Same-sex couples to support Court review on marriage
on Aug 7, 2014 at 7:57 pm
Lawyers for two same-sex couples in Utah who wish to marry and a married same-sex Utah couple seeking to have the state recognize their marriage in Iowa will be filing papers in the Supreme Court urging review of the new appeal by state officials in the case of Herbert v. Kitchen.
The Utah case, filed on Tuesday, was the first same-sex marriage lawsuit to reach the Justices after a 13-month wave of lower court rulings striking down state bans. On Thursday, the National Center for Lesbian Rights — part of the legal team for the three same-sex couples who won the Utah case in lower courts — indicated that a brief supporting review will be filed. The team, of course, will be urging the Court to uphold their victory.
Under Court rules, the couples’ brief is now due on September 4. The planned position could enhance the prospects that the Utah case will be heard by the Court in the Term opening in October. The Court quite often grants review of cases where both sides support it.
On Tuesday, the couples’ lawyers had reacted to the state appeal by saying they would take the stance that “will best advance our goal of winning for all Utahns the freedom to marry the person they love, and to have their marriages treated the same as other couples’ marriages.” They now apparently have concluded that the Utah case provides a proper one to put the basic constitutional issues before the Justices.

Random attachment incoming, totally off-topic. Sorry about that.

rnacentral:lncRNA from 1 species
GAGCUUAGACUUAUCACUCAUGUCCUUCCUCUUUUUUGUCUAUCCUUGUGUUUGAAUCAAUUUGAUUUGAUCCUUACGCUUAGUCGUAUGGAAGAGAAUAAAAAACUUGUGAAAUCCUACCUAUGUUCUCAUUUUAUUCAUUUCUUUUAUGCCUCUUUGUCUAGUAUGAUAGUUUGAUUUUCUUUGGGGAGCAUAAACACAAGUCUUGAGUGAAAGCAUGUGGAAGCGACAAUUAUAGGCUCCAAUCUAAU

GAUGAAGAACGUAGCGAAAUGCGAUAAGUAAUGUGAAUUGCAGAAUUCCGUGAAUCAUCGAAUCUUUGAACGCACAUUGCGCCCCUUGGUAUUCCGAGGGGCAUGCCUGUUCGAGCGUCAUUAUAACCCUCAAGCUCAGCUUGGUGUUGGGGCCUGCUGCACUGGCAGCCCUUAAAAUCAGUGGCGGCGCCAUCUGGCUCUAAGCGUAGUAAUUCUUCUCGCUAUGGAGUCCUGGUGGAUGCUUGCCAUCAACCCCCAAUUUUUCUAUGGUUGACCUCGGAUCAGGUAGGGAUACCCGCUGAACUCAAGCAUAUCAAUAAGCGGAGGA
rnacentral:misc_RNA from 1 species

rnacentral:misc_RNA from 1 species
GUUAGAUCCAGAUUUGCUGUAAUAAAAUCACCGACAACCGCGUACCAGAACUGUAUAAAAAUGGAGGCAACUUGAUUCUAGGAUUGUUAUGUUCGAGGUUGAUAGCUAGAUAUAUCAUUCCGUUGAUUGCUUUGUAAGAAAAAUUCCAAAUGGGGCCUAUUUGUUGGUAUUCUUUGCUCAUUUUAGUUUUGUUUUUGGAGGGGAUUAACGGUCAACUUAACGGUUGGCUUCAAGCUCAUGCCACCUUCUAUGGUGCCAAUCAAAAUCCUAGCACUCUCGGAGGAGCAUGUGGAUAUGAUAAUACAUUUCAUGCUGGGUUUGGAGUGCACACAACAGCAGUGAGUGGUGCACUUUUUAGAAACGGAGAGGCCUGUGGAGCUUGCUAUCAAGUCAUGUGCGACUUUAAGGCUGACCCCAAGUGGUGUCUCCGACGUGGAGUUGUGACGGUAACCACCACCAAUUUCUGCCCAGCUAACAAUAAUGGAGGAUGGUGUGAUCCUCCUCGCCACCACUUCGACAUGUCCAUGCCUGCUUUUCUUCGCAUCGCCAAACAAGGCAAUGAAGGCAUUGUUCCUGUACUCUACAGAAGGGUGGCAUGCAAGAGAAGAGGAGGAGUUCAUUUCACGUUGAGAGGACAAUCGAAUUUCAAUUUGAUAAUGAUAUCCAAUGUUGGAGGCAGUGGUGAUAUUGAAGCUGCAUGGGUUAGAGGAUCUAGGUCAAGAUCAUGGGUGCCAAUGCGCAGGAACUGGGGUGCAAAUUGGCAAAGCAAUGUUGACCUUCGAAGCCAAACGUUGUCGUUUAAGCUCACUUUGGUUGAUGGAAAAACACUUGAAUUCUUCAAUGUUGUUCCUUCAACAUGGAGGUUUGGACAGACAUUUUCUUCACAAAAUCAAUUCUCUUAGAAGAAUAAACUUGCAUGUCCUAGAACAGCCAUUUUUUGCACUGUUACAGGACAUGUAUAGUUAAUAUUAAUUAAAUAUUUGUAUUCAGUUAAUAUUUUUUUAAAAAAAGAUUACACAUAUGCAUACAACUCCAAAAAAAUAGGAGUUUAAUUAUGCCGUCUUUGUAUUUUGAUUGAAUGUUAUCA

Also pending at the Court now is a separate appeal by a county clerk in Oklahoma, seeking review of lower court rulings striking down that state’s ban on same-sex marriage. On Friday, the state attorney general in Virginia is scheduled to file a third appeal on the issue. Although Virginia officials believe their ban is unconstitutional, they are continuing to enforce it until there is a final decision on its validity.
When Utah officials filed their petition for review, they argued that their case “is the ideal vehicle” for settling the constitutional issue of state power to ban same-sex marriage and refuse to recognize existing state same-sex marriages.
They gave eight reasons why the Court should choose this case for review: The Justices are already familiar with this case after issuing two temporary orders dealing with the Utah ban; top state officials are united in defending their state’s ban; the lower courts agreed that the Utah ban was not adopted out of “animus,” or hostility, toward homosexuals; the lower court rulings in the case illustrate the fundamental clash between competing visions of what marriage is; this case raises both issues of state power regarding sane-sex marriage; the case does not have in it the procedural flaw that led the Supreme Court last year to decide it had no authority to rule then on the constitutionality of a state ban on same-sex marriage (the California ban known as “Proposition 8”); there is no need to leave it to lower courts to continue issuing rulings on the issue since arguments on both sides are now well known, and, finally, the advocates on both sides of the Utah case are experienced and capable.